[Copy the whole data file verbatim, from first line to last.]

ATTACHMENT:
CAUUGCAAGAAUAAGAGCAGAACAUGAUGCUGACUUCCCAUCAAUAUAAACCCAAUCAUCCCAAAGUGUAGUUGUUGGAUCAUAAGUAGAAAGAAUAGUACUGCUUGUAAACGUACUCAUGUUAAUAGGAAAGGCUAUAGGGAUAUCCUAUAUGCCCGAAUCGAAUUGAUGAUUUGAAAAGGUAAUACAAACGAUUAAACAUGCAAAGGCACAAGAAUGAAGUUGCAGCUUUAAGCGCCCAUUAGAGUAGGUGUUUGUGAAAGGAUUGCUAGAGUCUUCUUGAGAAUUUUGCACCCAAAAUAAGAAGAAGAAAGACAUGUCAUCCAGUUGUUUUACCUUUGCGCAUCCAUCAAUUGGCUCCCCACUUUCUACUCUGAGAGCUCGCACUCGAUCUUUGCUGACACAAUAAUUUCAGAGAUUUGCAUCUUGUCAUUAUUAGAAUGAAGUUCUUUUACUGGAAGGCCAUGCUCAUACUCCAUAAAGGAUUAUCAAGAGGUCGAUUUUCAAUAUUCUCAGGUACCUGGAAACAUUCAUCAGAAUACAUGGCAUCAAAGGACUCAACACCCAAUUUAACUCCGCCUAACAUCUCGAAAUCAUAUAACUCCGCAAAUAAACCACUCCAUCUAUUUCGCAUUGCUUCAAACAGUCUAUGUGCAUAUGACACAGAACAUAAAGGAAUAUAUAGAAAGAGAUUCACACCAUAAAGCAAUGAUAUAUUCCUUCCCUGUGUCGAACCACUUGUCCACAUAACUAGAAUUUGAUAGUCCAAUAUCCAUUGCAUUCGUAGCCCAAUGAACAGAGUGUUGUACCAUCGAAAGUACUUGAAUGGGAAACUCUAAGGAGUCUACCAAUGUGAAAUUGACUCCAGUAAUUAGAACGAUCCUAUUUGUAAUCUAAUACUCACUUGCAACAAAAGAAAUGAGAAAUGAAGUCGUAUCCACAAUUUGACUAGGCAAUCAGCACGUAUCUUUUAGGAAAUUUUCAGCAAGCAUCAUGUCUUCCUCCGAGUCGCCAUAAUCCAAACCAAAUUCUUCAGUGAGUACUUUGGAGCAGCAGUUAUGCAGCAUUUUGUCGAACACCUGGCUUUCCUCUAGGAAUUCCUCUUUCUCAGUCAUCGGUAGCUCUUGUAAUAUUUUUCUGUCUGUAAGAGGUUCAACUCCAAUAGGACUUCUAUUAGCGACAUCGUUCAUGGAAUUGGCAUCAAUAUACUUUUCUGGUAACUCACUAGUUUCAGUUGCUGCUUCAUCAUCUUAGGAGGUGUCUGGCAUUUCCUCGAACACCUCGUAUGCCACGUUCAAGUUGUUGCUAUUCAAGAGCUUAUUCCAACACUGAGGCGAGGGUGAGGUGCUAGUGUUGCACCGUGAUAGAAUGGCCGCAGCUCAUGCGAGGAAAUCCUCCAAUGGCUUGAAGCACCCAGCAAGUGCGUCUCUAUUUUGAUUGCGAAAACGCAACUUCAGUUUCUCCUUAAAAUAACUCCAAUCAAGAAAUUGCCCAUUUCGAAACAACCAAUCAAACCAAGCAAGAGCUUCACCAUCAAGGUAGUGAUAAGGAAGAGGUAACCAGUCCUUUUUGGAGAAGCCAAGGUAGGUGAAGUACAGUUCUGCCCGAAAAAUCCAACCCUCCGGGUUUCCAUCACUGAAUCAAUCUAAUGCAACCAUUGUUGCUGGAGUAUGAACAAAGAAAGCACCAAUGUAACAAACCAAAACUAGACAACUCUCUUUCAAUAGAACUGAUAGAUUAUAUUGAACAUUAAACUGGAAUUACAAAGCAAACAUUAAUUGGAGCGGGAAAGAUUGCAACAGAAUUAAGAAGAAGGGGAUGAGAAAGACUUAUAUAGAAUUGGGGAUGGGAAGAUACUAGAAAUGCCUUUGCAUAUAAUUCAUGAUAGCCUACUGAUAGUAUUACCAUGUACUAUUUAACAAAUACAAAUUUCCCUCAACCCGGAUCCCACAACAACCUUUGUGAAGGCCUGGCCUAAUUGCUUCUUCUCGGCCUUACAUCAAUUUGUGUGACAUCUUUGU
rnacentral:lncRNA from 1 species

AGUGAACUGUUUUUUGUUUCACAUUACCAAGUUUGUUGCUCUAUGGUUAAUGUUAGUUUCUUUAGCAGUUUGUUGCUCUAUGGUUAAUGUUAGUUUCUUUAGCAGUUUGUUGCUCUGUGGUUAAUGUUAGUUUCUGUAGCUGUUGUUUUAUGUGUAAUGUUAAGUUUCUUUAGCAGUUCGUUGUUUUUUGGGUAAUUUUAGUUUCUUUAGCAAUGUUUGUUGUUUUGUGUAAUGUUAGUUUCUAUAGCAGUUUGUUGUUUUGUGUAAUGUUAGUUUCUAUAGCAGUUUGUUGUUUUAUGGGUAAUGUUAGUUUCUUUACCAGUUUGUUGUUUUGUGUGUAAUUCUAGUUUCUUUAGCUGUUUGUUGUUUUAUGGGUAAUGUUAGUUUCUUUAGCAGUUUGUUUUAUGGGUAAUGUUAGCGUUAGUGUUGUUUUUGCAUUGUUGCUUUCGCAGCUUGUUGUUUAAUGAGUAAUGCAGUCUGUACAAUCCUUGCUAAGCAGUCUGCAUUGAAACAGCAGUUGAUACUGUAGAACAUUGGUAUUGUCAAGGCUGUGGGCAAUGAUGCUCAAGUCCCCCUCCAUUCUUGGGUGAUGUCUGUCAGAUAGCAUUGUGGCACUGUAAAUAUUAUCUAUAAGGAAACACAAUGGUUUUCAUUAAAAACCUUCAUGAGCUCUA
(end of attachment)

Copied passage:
CAUUGCAAGAAUAAGAGCAGAACAUGAUGCUGACUUCCCAUCAAUAUAAACCCAAUCAUCCCAAAGUGUAGUUGUUGGAUCAUAAGUAGAAAGAAUAGUACUGCUUGUAAACGUACUCAUGUUAAUAGGAAAGGCUAUAGGGAUAUCCUAUAUGCCCGAAUCGAAUUGAUGAUUUGAAAAGGUAAUACAAACGAUUAAACAUGCAAAGGCACAAGAAUGAAGUUGCAGCUUUAAGCGCCCAUUAGAGUAGGUGUUUGUGAAAGGAUUGCUAGAGUCUUCUUGAGAAUUUUGCACCCAAAAUAAGAAGAAGAAAGACAUGUCAUCCAGUUGUUUUACCUUUGCGCAUCCAUCAAUUGGCUCCCCACUUUCUACUCUGAGAGCUCGCACUCGAUCUUUGCUGACACAAUAAUUUCAGAGAUUUGCAUCUUGUCAUUAUUAGAAUGAAGUUCUUUUACUGGAAGGCCAUGCUCAUACUCCAUAAAGGAUUAUCAAGAGGUCGAUUUUCAAUAUUCUCAGGUACCUGGAAACAUUCAUCAGAAUACAUGGCAUCAAAGGACUCAACACCCAAUUUAACUCCGCCUAACAUCUCGAAAUCAUAUAACUCCGCAAAUAAACCACUCCAUCUAUUUCGCAUUGCUUCAAACAGUCUAUGUGCAUAUGACACAGAACAUAAAGGAAUAUAUAGAAAGAGAUUCACACCAUAAAGCAAUGAUAUAUUCCUUCCCUGUGUCGAACCACUUGUCCACAUAACUAGAAUUUGAUAGUCCAAUAUCCAUUGCAUUCGUAGCCCAAUGAACAGAGUGUUGUACCAUCGAAAGUACUUGAAUGGGAAACUCUAAGGAGUCUACCAAUGUGAAAUUGACUCCAGUAAUUAGAACGAUCCUAUUUGUAAUCUAAUACUCACUUGCAACAAAAGAAAUGAGAAAUGAAGUCGUAUCCACAAUUUGACUAGGCAAUCAGCACGUAUCUUUUAGGAAAUUUUCAGCAAGCAUCAUGUCUUCCUCCGAGUCGCCAUAAUCCAAACCAAAUUCUUCAGUGAGUACUUUGGAGCAGCAGUUAUGCAGCAUUUUGUCGAACACCUGGCUUUCCUCUAGGAAUUCCUCUUUCUCAGUCAUCGGUAGCUCUUGUAAUAUUUUUCUGUCUGUAAGAGGUUCAACUCCAAUAGGACUUCUAUUAGCGACAUCGUUCAUGGAAUUGGCAUCAAUAUACUUUUCUGGUAACUCACUAGUUUCAGUUGCUGCUUCAUCAUCUUAGGAGGUGUCUGGCAUUUCCUCGAACACCUCGUAUGCCACGUUCAAGUUGUUGCUAUUCAAGAGCUUAUUCCAACACUGAGGCGAGGGUGAGGUGCUAGUGUUGCACCGUGAUAGAAUGGCCGCAGCUCAUGCGAGGAAAUCCUCCAAUGGCUUGAAGCACCCAGCAAGUGCGUCUCUAUUUUGAUUGCGAAAACGCAACUUCAGUUUCUCCUUAAAAUAACUCCAAUCAAGAAAUUGCCCAUUUCGAAACAACCAAUCAAACCAAGCAAGAGCUUCACCAUCAAGGUAGUGAUAAGGAAGAGGUAACCAGUCCUUUUUGGAGAAGCCAAGGUAGGUGAAGUACAGUUCUGCCCGAAAAAUCCAACCCUCCGGGUUUCCAUCACUGAAUCAAUCUAAUGCAACCAUUGUUGCUGGAGUAUGAACAAAGAAAGCACCAAUGUAACAAACCAAAACUAGACAACUCUCUUUCAAUAGAACUGAUAGAUUAUAUUGAACAUUAAACUGGAAUUACAAAGCAAACAUUAAUUGGAGCGGGAAAGAUUGCAACAGAAUUAAGAAGAAGGGGAUGAGAAAGACUUAUAUAGAAUUGGGGAUGGGAAGAUACUAGAAAUGCCUUUGCAUAUAAUUCAUGAUAGCCUACUGAUAGUAUUACCAUGUACUAUUUAACAAAUACAAAUUUCCCUCAACCCGGAUCCCACAACAACCUUUGUGAAGGCCUGGCCUAAUUGCUUCUUCUCGGCCUUACAUCAAUUUGUGUGACAUCUUUGU
rnacentral:lncRNA from 1 species

AGUGAACUGUUUUUUGUUUCACAUUACCAAGUUUGUUGCUCUAUGGUUAAUGUUAGUUUCUUUAGCAGUUUGUUGCUCUAUGGUUAAUGUUAGUUUCUUUAGCAGUUUGUUGCUCUGUGGUUAAUGUUAGUUUCUGUAGCUGUUGUUUUAUGUGUAAUGUUAAGUUUCUUUAGCAGUUCGUUGUUUUUUGGGUAAUUUUAGUUUCUUUAGCAAUGUUUGUUGUUUUGUGUAAUGUUAGUUUCUAUAGCAGUUUGUUGUUUUGUGUAAUGUUAGUUUCUAUAGCAGUUUGUUGUUUUAUGGGUAAUGUUAGUUUCUUUACCAGUUUGUUGUUUUGUGUGUAAUUCUAGUUUCUUUAGCUGUUUGUUGUUUUAUGGGUAAUGUUAGUUUCUUUAGCAGUUUGUUUUAUGGGUAAUGUUAGCGUUAGUGUUGUUUUUGCAUUGUUGCUUUCGCAGCUUGUUGUUUAAUGAGUAAUGCAGUCUGUACAAUCCUUGCUAAGCAGUCUGCAUUGAAACAGCAGUUGAUACUGUAGAACAUUGGUAUUGUCAAGGCUGUGGGCAAUGAUGCUCAAGUCCCCCUCCAUUCUUGGGUGAUGUCUGUCAGAUAGCAUUGUGGCACUGUAAAUAUUAUCUAUAAGGAAACACAAUGGUUUUCAUUAAAAACCUUCAUGAGCUCUA